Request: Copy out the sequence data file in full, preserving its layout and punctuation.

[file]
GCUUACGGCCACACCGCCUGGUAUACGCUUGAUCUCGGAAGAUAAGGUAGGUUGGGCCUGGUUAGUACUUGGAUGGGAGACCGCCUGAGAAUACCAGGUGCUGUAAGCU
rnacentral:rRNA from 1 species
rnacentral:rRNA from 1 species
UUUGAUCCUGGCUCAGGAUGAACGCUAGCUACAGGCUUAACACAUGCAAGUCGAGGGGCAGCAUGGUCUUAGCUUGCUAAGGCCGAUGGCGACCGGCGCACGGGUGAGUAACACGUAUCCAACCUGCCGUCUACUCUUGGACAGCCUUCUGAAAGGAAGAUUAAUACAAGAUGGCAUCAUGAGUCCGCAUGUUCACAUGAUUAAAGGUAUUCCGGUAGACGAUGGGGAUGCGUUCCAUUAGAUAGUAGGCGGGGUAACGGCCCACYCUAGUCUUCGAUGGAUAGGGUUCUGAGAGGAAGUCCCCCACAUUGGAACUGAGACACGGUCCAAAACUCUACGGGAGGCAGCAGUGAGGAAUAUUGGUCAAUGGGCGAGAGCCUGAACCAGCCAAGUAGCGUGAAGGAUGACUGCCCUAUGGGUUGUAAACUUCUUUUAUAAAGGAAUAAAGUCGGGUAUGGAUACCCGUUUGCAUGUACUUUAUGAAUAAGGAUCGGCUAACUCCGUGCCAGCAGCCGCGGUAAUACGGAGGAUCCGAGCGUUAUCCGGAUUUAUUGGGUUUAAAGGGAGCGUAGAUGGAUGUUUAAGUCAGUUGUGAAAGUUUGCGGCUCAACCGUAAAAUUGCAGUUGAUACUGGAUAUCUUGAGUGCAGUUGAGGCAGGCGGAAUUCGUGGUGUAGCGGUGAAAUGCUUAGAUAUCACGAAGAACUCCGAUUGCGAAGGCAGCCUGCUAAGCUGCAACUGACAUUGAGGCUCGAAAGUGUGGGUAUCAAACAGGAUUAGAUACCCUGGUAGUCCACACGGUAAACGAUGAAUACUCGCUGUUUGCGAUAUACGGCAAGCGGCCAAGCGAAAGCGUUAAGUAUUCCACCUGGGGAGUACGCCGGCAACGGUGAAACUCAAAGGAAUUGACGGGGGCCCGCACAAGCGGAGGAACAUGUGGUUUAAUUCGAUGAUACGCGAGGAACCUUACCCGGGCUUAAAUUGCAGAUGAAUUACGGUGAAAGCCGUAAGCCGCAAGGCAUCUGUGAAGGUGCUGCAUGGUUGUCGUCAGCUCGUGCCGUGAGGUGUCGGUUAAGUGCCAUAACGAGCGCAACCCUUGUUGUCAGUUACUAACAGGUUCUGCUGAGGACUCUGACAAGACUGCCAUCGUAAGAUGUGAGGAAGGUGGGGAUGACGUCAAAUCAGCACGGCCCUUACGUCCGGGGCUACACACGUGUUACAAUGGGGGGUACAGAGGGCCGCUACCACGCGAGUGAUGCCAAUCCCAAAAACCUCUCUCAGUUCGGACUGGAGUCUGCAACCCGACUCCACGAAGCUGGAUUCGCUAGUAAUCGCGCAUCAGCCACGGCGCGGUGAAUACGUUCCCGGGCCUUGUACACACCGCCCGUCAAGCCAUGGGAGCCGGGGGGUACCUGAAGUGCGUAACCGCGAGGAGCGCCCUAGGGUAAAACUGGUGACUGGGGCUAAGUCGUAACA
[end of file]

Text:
GCUUACGGCCACACCGCCUGGUAUACGCUUGAUCUCGGAAGAUAAGGUAGGUUGGGCCUGGUUAGUACUUGGAUGGGAGACCGCCUGAGAAUACCAGGUGCUGUAAGCU
rnacentral:rRNA from 1 species
rnacentral:rRNA from 1 species
UUUGAUCCUGGCUCAGGAUGAACGCUAGCUACAGGCUUAACACAUGCAAGUCGAGGGGCAGCAUGGUCUUAGCUUGCUAAGGCCGAUGGCGACCGGCGCACGGGUGAGUAACACGUAUCCAACCUGCCGUCUACUCUUGGACAGCCUUCUGAAAGGAAGAUUAAUACAAGAUGGCAUCAUGAGUCCGCAUGUUCACAUGAUUAAAGGUAUUCCGGUAGACGAUGGGGAUGCGUUCCAUUAGAUAGUAGGCGGGGUAACGGCCCACYCUAGUCUUCGAUGGAUAGGGUUCUGAGAGGAAGUCCCCCACAUUGGAACUGAGACACGGUCCAAAACUCUACGGGAGGCAGCAGUGAGGAAUAUUGGUCAAUGGGCGAGAGCCUGAACCAGCCAAGUAGCGUGAAGGAUGACUGCCCUAUGGGUUGUAAACUUCUUUUAUAAAGGAAUAAAGUCGGGUAUGGAUACCCGUUUGCAUGUACUUUAUGAAUAAGGAUCGGCUAACUCCGUGCCAGCAGCCGCGGUAAUACGGAGGAUCCGAGCGUUAUCCGGAUUUAUUGGGUUUAAAGGGAGCGUAGAUGGAUGUUUAAGUCAGUUGUGAAAGUUUGCGGCUCAACCGUAAAAUUGCAGUUGAUACUGGAUAUCUUGAGUGCAGUUGAGGCAGGCGGAAUUCGUGGUGUAGCGGUGAAAUGCUUAGAUAUCACGAAGAACUCCGAUUGCGAAGGCAGCCUGCUAAGCUGCAACUGACAUUGAGGCUCGAAAGUGUGGGUAUCAAACAGGAUUAGAUACCCUGGUAGUCCACACGGUAAACGAUGAAUACUCGCUGUUUGCGAUAUACGGCAAGCGGCCAAGCGAAAGCGUUAAGUAUUCCACCUGGGGAGUACGCCGGCAACGGUGAAACUCAAAGGAAUUGACGGGGGCCCGCACAAGCGGAGGAACAUGUGGUUUAAUUCGAUGAUACGCGAGGAACCUUACCCGGGCUUAAAUUGCAGAUGAAUUACGGUGAAAGCCGUAAGCCGCAAGGCAUCUGUGAAGGUGCUGCAUGGUUGUCGUCAGCUCGUGCCGUGAGGUGUCGGUUAAGUGCCAUAACGAGCGCAACCCUUGUUGUCAGUUACUAACAGGUUCUGCUGAGGACUCUGACAAGACUGCCAUCGUAAGAUGUGAGGAAGGUGGGGAUGACGUCAAAUCAGCACGGCCCUUACGUCCGGGGCUACACACGUGUUACAAUGGGGGGUACAGAGGGCCGCUACCACGCGAGUGAUGCCAAUCCCAAAAACCUCUCUCAGUUCGGACUGGAGUCUGCAACCCGACUCCACGAAGCUGGAUUCGCUAGUAAUCGCGCAUCAGCCACGGCGCGGUGAAUACGUUCCCGGGCCUUGUACACACCGCCCGUCAAGCCAUGGGAGCCGGGGGGUACCUGAAGUGCGUAACCGCGAGGAGCGCCCUAGGGUAAAACUGGUGACUGGGGCUAAGUCGUAACA